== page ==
The Sheahan Diamond Literature Reference Compilation is compiled by Patricia Sheahan who publishes on a monthly basis a list of new scientific articles related to diamonds as well as media coverage and corporate announcements called the Sheahan Diamond Literature Service that is distributed as a free pdf to a list of followers. Pat has kindly agreed to allow her work to be made available as an online digital resource at Kaiser Research Online so that a broader community interested in diamonds and related geology can benefit. The SDLRC Blog is a guest commentary by an industry expert about articles, themes and trends in recent issues of the SDLRC.
Comments by Brooke Clements
Brooke Clements received a B.Sc in Geology from Indiana University and an M.Sc in Economic Geology from the University of Arizona. From 1982 to 1997, he was an Exploration Geologist and Regional Manager for Exmin Corporation where he conducted diamond exploration programs throughout the United States. From 1998 to 2007 he was Vice President, Exploration for Ashton Mining of Canada Inc. Under his leadership, the Ashton-SOQUEM exploration team discovered the Renard diamond district in Quebec where Stornoway Diamonds opened the Renard Diamond Mine in 2016. From 2007 to 2015 he was President of Peregrine Diamonds Ltd. where he led the team that discovered the Chidliak diamond district on Baffin Island in the Canadian Arctic. Currently, Brooke is President of JBC Ventures Ltd., a consulting company specializing in mineral exploration and community and government relations. He is also President and CEO of Craton Minerals Ltd., a private diamond exploration company focused on discovering North America's next new diamond district.
Brooke Clements has volunteered to highlight the scientific articles that caught his attention in the monthly reference compilations. The opinions expressed are solely his and he can be reached at .
This paper is a good reference for those with interest in diamond exploration in the 13 Gondwanaland Archean cratons (Africa, Australia, Greenland, India and Antarctica). Exploration in Antarctica will make the arctic look like child's play. There are good summaries with references of the crustal structure and properties of the cratons. The authors suggest that the Moho depth within cratons is less uniform than previously thought (28-52 km) and early and middle Archean undeformed crust is characterized by a shallow Moho depth (28--38 km), while late Archean or deformed crust may be as thick as 52 km.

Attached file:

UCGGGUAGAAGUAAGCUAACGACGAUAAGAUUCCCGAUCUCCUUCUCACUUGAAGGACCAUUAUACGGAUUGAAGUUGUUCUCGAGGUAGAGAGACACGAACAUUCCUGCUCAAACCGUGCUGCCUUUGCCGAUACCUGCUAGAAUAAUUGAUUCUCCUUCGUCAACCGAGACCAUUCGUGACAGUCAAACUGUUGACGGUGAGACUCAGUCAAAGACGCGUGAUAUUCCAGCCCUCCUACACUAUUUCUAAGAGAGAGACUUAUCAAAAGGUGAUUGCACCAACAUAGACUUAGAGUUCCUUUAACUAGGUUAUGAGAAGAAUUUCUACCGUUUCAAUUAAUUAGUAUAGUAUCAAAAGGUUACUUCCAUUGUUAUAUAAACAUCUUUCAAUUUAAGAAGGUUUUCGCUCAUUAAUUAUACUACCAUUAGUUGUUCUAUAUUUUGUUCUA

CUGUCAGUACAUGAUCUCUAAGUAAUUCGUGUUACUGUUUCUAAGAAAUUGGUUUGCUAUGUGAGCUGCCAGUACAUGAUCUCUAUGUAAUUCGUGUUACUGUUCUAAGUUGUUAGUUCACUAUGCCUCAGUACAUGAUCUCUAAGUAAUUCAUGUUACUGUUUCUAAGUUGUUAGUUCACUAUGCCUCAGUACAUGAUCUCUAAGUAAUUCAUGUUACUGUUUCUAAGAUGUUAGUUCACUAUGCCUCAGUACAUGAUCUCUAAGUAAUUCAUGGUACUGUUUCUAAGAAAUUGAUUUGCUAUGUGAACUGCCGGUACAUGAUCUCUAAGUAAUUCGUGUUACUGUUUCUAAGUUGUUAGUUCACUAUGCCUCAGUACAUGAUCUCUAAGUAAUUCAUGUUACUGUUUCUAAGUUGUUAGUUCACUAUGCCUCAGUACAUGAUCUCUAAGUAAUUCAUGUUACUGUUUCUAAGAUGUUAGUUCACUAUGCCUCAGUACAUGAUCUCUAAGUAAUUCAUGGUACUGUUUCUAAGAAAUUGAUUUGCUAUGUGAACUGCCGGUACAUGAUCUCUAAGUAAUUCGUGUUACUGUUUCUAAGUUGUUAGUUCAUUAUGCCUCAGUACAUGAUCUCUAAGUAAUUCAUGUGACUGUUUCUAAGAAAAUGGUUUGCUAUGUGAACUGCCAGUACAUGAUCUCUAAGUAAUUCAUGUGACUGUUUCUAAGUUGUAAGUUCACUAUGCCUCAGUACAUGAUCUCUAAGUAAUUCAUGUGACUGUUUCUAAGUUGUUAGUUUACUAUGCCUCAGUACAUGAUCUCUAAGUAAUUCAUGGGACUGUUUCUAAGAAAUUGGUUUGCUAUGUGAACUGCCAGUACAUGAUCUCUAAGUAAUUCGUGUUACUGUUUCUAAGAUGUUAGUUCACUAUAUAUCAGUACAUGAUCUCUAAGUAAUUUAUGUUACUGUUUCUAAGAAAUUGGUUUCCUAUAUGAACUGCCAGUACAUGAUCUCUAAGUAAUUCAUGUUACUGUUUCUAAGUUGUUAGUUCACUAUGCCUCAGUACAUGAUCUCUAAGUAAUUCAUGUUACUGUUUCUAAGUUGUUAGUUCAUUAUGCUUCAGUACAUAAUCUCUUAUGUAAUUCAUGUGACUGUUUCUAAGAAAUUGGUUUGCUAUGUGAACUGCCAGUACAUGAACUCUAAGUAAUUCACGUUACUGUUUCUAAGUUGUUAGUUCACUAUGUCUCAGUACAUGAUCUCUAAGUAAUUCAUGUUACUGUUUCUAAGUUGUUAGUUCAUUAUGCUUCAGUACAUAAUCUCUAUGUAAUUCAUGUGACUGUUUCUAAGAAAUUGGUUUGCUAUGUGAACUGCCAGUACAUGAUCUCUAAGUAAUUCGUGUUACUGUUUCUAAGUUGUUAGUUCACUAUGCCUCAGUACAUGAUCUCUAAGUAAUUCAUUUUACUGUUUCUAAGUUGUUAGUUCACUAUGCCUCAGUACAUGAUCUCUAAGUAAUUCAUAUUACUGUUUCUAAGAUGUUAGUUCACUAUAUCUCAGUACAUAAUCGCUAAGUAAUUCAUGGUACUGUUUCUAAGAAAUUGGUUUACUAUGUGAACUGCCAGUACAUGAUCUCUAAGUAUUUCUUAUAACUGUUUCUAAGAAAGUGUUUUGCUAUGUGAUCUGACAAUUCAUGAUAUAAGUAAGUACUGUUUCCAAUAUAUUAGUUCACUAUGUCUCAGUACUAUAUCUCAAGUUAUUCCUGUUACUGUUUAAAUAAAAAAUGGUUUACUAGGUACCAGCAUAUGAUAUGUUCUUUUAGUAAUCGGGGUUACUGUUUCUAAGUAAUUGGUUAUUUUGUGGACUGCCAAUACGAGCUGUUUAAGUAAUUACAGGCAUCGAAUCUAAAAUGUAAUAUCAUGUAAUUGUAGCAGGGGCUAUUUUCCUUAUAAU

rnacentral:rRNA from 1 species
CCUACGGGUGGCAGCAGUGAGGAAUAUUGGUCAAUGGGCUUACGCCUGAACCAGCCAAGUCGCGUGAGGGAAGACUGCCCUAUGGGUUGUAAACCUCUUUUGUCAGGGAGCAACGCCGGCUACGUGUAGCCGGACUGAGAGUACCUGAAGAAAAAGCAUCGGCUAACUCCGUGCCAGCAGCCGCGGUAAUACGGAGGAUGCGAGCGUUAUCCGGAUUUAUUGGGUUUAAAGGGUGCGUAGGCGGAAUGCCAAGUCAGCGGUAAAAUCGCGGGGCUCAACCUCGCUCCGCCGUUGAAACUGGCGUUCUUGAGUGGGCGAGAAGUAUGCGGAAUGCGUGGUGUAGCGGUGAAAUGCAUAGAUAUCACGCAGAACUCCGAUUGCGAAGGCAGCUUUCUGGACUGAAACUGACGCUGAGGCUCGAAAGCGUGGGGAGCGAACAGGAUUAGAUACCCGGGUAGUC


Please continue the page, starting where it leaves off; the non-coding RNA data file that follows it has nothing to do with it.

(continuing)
Green natural diamonds are extremely rare and very little information on them is available. On November 28, 2017 Peregrine Diamonds created a buzz with the reporting of a green diamond in a mini-bulk sample from their Chidliak property. This paper, which is a free download, tells you everything you want to know (and more) about rare green diamonds. The GIA has information for 50,000 diamonds with a green hue, including 9,000 pure green diamonds in their database. The green color is caused by simple structural defects caused by radiation exposure or more complex defects resulting from nitrogen, hydrogen or nickel impurities. It is very hard to tell a natural green diamond from a treated diamond because the defects causing the color are the same in nature and the laboratory. Green diamonds are the largest category of colored diamonds that are classified as having "undetermined" color origin by gemological labs.
This paper is a free download and a very good read for someone wanting summary information on parts of Russia and Finland comprising the northern east European platform. After analyzing available geophysical data and the physical and chemical traits of 1513 indicator minerals recovered from over 6,000 stream sediment samples, the authors conclude that the northern East European platform is a good target for more diamond exploration. Included is a link to the indicator mineral data (without locations).
This paper was presented at the kimberlite conference in Botswana and it created quite a buzz when it was postulated that the age of the diamonds at the Victor Mine are 720 million years. The diamonds are mostly lherzolitic and thought to be from a 10 km thick layer at about 180 km depth. A paper by Aulbach et al. tabulated in last month's Sheahan review is related.